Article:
The Republic of Venice dominated Corfu for nearly five centuries until 1797. Although assailed several times by Turkish naval and land forces and subjected to four notable sieges in 1537, 1571, 1573 and 1716, in which the great natural strength of the city and its defenders asserted itself time after time. The effectiveness of the powerful Venetian fortifications of the island was a great factor that enabled Corfu to remain the last bastion of free, uninterrupted Greek and Christian civilization in the southern Balkans after the fall of Constantinople. Will Durant, an American historian, claims that Corfu owed to the Republic of Venice the fact that it was the only part of Greece never conquered by the Muslim Turks. The Turks occupied briefly some of the other Ionian islands, but were unsuccessful with their four sieges of Corfu. This fact gave Corfu and Malta the title of "Bastions of Christian Europe" during the late Renaissance.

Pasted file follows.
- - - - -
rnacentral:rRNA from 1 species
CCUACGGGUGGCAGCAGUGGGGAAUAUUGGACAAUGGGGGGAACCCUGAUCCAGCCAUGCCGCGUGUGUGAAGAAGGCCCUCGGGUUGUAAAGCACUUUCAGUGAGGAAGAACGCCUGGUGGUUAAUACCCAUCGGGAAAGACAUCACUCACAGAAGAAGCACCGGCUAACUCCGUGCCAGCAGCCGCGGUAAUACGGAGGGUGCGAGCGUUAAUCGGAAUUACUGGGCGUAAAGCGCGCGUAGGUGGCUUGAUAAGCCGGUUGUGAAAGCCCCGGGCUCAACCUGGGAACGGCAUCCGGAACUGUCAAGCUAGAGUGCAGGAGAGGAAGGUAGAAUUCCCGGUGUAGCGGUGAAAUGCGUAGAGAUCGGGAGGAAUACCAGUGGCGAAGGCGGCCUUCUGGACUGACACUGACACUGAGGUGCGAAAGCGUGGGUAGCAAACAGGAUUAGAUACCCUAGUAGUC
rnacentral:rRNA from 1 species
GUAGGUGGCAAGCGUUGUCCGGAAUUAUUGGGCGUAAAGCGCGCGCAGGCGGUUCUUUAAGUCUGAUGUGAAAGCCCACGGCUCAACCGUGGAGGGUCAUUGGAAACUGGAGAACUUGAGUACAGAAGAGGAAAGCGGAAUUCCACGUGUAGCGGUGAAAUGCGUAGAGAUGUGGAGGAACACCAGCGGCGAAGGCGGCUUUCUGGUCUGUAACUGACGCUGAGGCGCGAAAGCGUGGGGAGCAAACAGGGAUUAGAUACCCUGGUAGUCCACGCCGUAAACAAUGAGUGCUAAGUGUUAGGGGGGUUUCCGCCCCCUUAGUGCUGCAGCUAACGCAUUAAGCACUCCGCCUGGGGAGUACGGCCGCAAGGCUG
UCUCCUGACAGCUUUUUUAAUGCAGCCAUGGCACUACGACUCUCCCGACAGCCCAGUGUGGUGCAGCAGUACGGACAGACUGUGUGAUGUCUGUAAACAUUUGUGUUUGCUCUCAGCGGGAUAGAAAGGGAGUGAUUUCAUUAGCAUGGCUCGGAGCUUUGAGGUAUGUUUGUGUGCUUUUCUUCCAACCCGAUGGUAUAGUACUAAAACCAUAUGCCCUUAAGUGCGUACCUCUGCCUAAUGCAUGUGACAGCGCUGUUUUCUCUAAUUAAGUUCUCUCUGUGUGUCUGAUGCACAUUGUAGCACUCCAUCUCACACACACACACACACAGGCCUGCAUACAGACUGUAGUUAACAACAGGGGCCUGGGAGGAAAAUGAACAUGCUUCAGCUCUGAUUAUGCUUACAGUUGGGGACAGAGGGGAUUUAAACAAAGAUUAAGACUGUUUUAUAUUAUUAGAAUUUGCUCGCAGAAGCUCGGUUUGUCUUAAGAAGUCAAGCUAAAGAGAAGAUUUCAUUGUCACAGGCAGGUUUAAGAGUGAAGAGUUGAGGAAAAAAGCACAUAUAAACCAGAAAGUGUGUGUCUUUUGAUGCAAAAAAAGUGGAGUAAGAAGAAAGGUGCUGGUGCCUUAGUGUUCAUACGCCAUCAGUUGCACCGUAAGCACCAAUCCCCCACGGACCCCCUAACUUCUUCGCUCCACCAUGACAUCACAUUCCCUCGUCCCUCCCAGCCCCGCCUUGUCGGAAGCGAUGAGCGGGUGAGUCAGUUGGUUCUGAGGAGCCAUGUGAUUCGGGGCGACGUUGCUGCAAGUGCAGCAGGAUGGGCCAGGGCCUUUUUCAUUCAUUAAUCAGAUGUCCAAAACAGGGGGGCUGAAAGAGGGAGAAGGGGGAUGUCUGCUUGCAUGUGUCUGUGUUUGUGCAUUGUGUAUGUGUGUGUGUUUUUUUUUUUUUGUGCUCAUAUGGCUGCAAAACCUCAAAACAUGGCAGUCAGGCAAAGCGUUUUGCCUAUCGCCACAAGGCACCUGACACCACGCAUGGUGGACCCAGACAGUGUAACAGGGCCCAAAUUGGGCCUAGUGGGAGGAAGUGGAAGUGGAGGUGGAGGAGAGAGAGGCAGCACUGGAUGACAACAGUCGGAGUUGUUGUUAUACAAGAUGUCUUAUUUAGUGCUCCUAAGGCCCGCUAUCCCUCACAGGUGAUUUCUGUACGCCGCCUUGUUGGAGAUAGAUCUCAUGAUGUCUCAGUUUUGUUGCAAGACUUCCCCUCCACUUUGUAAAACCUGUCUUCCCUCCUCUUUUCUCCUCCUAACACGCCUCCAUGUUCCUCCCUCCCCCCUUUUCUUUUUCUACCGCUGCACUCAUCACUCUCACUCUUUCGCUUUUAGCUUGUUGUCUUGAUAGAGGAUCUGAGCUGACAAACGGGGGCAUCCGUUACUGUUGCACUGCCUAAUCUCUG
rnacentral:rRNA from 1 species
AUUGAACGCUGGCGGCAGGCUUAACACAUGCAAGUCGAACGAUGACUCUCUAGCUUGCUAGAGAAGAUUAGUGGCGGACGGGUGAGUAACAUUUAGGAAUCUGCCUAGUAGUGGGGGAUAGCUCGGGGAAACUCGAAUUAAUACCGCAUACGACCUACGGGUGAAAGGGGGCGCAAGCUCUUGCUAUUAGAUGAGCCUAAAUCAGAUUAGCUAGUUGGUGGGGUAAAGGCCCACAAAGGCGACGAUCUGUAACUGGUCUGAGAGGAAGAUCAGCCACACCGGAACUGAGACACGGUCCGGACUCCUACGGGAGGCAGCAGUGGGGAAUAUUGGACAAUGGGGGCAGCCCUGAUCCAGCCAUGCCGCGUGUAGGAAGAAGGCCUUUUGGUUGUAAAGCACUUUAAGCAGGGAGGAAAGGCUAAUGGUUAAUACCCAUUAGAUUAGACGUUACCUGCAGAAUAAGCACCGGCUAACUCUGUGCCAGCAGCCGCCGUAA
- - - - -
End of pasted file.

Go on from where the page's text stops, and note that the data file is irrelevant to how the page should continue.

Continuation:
Read more about this topic: Corfiot Italians
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... During Venetian rule, the Corfiotes developed a fervent appreciation of Italian opera, which was the real source of the extraordinary (given conditions in the mainland of Greece) musical development of the island ...
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